Residential symposium at Royal Holloway, University of London, Egham, 11-13 September 2008



Day 1

Thursday 11 September 2008
3.45-4.15pm: Tea/coffee
6.30-8.00pm: Dinner

Day 2

Friday 12 September 2008
11.30-12.00pm: Tea/coffee
1.30-2.30pm: Lunch
4.00-4.30pm: Tea/coffee
7.00-8.30pm: Dinner

Day 3

Saturday 13 September 2008
11.15-11.30am: Tea/coffee
1.00pm: Lunch and disperse



John Carewe, Robert Max, Ian Partridge, Jeremy Summerly and Susan Tomes (Chair: Timothy Day)

Panel discussion - Classical performers on classical performance I & II

There are a vast number of words spoken or written by performers about recorded performances – in radio and TV archives, in biographies and autobiographies, in journalistic sources of all kinds – which have hardly begun to be investigated by musicologists. What value might these have for analysts and historians of performance?

I: Making recordings - In the first session the panellists will examine the reasons why musicians wish to record at all and what they seek to do in making a recording. What kinds of relationship have existed between performer, sound engineer, producer? And when the recording is eventually sent out into the world, whose recording is it anyway?

II: Listening to recordings - Why do performers listen to recordings, or avoid them? What authority might one recording possess for another performer? Some musicians listen to a composer’s recorded interpretation and some deliberately avoid it, allowing their re-creative imaginations to feed on the text alone on the assumption that the notes understand one another better than the composer understands them. What do performers know of the performance traditions in which they work? What do they wish historians of performance traditions to tell them?

The teachers of John Carewe included Walter Goehr and Max Deutsch – both pupils of Schoenberg – Messiaen, with whom he studied in Paris on a French Government scholarship, and Pierre Boulez. In 1966 William Glock appointed him principal conductor of the BBC Welsh Orchestra and he was also principal conductor of the Fires of London. He has given British premieres of music by a host of composers including Birtwistle, Maxwell Davies, Goehr, Messiaen, Milhaud, Maderna, Nono, Boulez and Stockhausen. Since 1980 he has worked chiefly as gust conductor in Europe, and recent engagements have included appearances with Deutsche Kammerphilharmonie Bremen, Dresden Philharmonic, Nürnberg Symphonie, Orchestre National de Lyon and Helsinki Philharmonic. Among his most admired recordings are discs of Debussy’s Pelléas et Mélisande, Milhaud’s La Création du Monde and Stravinsky’s The Soldier’s Tale.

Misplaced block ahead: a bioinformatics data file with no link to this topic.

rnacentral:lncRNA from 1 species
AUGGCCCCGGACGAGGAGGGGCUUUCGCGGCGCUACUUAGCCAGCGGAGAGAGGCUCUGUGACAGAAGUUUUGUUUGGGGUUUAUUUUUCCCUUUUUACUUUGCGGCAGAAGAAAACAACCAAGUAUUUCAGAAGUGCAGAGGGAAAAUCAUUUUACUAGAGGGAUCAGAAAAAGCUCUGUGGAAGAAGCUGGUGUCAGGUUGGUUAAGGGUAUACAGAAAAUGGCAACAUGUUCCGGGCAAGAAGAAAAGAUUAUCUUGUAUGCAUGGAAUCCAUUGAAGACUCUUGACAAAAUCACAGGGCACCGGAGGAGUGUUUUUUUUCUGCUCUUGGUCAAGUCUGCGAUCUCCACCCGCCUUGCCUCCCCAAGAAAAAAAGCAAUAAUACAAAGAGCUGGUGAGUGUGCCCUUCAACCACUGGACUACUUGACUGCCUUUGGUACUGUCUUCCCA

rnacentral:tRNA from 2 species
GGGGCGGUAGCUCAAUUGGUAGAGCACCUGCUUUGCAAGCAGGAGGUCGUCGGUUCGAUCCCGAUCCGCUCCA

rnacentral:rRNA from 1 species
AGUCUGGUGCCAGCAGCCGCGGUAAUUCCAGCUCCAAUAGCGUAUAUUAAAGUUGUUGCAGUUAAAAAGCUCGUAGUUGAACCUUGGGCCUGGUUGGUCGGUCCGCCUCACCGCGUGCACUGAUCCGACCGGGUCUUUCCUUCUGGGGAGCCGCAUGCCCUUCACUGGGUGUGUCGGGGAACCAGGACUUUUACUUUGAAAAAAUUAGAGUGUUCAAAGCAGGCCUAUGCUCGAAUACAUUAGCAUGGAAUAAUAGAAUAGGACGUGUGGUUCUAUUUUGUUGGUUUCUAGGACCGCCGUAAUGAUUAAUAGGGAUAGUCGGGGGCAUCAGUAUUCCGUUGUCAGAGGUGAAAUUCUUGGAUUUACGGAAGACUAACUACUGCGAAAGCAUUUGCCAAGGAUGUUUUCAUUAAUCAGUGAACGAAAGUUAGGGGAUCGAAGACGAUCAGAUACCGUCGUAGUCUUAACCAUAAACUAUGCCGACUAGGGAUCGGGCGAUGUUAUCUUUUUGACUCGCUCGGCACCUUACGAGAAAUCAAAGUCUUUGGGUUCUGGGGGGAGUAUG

Timothy Day was for many years a curator in the sound archive of the British Library. His publications include A Century of Recorded Music: Listening to Musical History (Yale University Press, 2000), and he is currently writing a book on the sound made by English cathedral choirs in the last century. He is a visiting research fellow at King's College London and chair of CHARM's Academic Advisory Board.

Robert Max performs as conductor, solo cellist and chamber musician. He was appointed Musical Director of the Oxford Symphony Orchestra in 2005, and conducts the Symphony and String Orchestras at Royal Holloway, University of London. He appears regularly as concerto soloist and in concert with his wife, the pianist Zoe Solomon, and has been cellist of the Barbican Piano Trio since 1987. His many recordings include two CDs with the Zemel Choir, the UK’s leading mixed-voice Jewish Choir, for Olympia; music by Schnittke for ASV; by Margaret Hubicki for Chandos; and by Sergei Taneyev on the Dutton label. Robert Max teaches cello at the Junior Department of the Royal Academy of Music. He plays a Stradivarius cello dating from 1726 know as the ‘Comte de Saveuse’.

The tenor Ian Partridge has an international reputation as a concert singer and recitalist. His wide repertory encompasses Elizabethan lute songs, German, French and English songs, Monteverdi, Bach, Handel, Schoenberg, Kurt Weill, and Prince Albert. He has always sung new music: he recently took part in performance of St Matthew Passion by the contemporary Norwegian composer Trond Kverno in New York, Minneapolis and Reykjavik. This, like so much of his repertory, he has recorded. He recorded Purcell, for example, with Mackerras in 1966, Willcocks in 1967, Harnoncourt in 1973, Malgoire in 1980, and Christophers in 1991. His version of Schubert’s Die schöne Müllerin was first choice in BBC Radio 3’s Building a Library. Ian Partridge is a professor at the Royal Academy of Music and has directed masterclasses on Lieder, English Song and Early Music from Aldeburgh to Vancouver, from Versailles to Helsinki.

Jeremy Summerly studied music at Oxford University and then undertook musicological research at King’s College London while also working as a Studio Manager for BBC Radio. He is Head of Academic Studies at the Royal Academy of Music. Besides lecturing he writes and presents radio programmes and edits for Faber Music. He founded the Oxford Camerata in 1984 and between 1990 and 1996 he was conductor of Schola Cantorum of Oxford. He made his conducting debut at the BBC Proms in 1999 and at the Berlin Philharmonie in 2005. He has given concert tours throughout Europe and the United States as well as in Israel, Japan, Indonesia, Hong Kong, South Africa, and Botswana. Jeremy Summerly has released over forty commercial recordings of music spanning nine centuries. He has conducted Ligeti for Ligeti, and Kagel for Kagel, and Pärt for Pärt.